About 2000 Angolan refugees – many of whom have been living in South Africa for as long as 18 years – face deportation following the withdrawal of their refugee status.
And those from at least three other African countries are next on the list.
This is part of the government’s new strategy to repatriate refugees once peace and stability have returned to their countries.
Home Affairs officials confirmed this week that refugees from Liberia, Rwanda and Sierra Leone could also face deportation.
These countries have been declared safe by the United Nations High Commissioner for Refugees, which over the past seven years has declared a “cessation of refugee status” for all four countries.
The move by the government has been described by one migration expert as a possible strategy to reduce the number of asylum-seekers in South Africa, of which there are about 230 000.
Five months ago xenophobic violence aimed mainly at immigrants from Africa broke out around the country, and hundreds of undocumented foreigners have been arrested in the government’s Operation Fiela.
Home Affairs spokesman Mayihlome Tshwete said the cabinet had decided on the Angolan cessation date in line with a declaration by the UNHCR.
“Angola was the first to be recommended. Other countries that the government needs to make a decision on are Rwanda, Liberia and Sierra Leone,” he said, adding that the government recognised the fundamental changes that had taken place in Angola.
“Refugees would be in a position to reclaim citizenship of their country … because the circumstances that recognised such a person as a refugee no longer exist,” said Tshwete.
After a decision was taken to stop refugee status for a country and after various assessments were made, nationals from that country would be afforded a time period to “regularise” their stay in South Africa or be deported, he said.
In 2013 Angola became the first country to have its refugee status discontinued by Home Affairs.
Refugees were given two-year temporary residence permits. These have begun expiring and all will have expired by January 2016.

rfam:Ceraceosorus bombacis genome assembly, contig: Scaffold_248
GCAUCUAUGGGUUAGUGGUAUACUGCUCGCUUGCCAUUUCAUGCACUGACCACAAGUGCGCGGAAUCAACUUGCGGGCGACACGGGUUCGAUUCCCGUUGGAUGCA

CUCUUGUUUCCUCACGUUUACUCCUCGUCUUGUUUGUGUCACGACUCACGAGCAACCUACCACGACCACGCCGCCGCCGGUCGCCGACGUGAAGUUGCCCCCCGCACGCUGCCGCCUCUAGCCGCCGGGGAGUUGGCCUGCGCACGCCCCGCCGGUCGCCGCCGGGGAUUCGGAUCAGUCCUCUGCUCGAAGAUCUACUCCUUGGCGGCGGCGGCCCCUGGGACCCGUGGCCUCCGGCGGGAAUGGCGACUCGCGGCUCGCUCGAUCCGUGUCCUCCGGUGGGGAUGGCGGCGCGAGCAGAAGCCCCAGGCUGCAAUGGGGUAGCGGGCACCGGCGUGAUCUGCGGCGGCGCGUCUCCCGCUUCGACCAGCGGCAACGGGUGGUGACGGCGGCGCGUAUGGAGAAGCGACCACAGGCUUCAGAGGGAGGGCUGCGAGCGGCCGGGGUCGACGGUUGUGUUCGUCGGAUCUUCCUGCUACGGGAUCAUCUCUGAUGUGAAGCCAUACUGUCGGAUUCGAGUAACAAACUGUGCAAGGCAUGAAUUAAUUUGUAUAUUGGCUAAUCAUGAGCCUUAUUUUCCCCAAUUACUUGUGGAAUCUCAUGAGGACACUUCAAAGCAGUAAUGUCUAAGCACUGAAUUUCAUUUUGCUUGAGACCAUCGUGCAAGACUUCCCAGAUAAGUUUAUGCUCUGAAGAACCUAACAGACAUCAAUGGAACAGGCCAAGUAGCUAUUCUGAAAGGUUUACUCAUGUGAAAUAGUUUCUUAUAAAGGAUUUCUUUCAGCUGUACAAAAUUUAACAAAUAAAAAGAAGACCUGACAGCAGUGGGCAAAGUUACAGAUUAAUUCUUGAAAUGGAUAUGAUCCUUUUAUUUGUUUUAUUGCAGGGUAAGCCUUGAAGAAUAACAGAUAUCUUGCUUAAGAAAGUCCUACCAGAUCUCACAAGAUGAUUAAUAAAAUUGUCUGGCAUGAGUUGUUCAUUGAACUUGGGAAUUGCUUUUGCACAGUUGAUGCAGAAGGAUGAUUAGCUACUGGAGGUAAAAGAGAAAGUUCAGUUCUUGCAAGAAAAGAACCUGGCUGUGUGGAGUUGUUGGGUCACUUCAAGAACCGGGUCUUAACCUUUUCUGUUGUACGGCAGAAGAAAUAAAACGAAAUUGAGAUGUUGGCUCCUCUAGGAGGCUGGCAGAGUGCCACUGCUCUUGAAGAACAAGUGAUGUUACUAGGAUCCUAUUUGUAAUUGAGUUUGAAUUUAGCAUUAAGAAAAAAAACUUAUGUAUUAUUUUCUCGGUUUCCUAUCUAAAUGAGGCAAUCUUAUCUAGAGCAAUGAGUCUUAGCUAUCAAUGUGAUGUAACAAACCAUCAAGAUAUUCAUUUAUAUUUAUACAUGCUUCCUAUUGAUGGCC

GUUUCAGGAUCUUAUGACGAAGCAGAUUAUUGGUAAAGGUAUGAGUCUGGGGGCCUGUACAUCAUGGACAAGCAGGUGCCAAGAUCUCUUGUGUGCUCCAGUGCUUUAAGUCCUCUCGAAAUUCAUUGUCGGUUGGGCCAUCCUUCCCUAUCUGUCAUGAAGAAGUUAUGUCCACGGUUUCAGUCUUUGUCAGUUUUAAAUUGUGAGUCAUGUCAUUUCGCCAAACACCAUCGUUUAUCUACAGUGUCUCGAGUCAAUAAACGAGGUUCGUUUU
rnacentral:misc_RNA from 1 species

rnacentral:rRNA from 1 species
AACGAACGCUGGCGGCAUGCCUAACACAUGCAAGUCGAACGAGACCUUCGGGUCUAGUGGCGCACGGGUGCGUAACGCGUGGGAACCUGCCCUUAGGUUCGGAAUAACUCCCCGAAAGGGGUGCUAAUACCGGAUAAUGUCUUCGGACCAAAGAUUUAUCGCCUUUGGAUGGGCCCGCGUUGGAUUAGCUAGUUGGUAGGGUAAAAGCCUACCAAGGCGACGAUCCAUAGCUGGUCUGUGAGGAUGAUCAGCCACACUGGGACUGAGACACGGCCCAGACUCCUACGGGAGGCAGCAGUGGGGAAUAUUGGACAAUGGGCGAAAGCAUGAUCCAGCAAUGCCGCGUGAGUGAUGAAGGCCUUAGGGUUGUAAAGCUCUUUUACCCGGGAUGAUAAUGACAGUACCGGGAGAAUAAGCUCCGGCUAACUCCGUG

Among Angolans facing imminent deportation is Rosie – who did not want her real name published – and her three siblings, who fled the Angolan war with their father in 1997.
When they arrived in South Africa their dad abandoned them at a shelter in Cape Town.
Rosie was just 10 years old and her siblings were aged between five and eight.
Now, 18 years later, the four siblings have been told they are no longer welcome in South Africa and must return to Angola.
“We don’t know Angola as ‘home’. We want to get student visas so we can stay here. We don’t have anything to go back to,” said Rosie.
Miranda Madikane, director of Scalabrini, a migrations organisation, said getting permanent residency was an arduous process.
“These Angolans have been in South Africa a long time and are contributing to the economy.
“But they are generally not skilled enough to extend work or business permits, which require high levels of skills and/or large amounts of capital.
“The immigration requirements are onerous for former refugees,” Madikane said.
Shirley Gunn, director of the Human Rights Media Centre, said refugees who wanted to remain in South Africa and were contributing to society should be allowed to stay.
But the process to become naturalised was fraught with delays and a lack of information, said Gunn.
A report by Scalabrini says many of those affected now have families in South Africa.
Some 89% of Angolans in South Africa are employed and 34% own businesses. Some 69% of their businesses employ locals, according to the report.
The report was presented to Home Affairs in April, but officials were unmoved.
“Home Affairs responded quickly and with interest to the research report by setting up a meeting, but were not moved to offer any special dispensation to affected Angolans,” Madikane said.
A report by the UNHCR showed that last year there were 232211 asylum-seekers and 65881 refugees in South Africa. Most were from the Democratic Republic of the Congo, Somalia, Burundi, Ethiopia, Rwanda and Zimbabwe.
They were either fleeing conflict in their home countries or were individuals who claimed they would face persecution if they returned home.
Roni Amit, a senior researcher at the African Centre for Migration and Society, said 90% of applications for refugee status in South Africa were rejected.
“[Home Affairs] is trying to reduce the number of asylum-seekers; it seems to be part of its strategy,” she said.
“South Africa does not have that many refugees, it has many asylum-seekers. But those numbers are also declining.”
Tshwete could not give time frames for the deportations.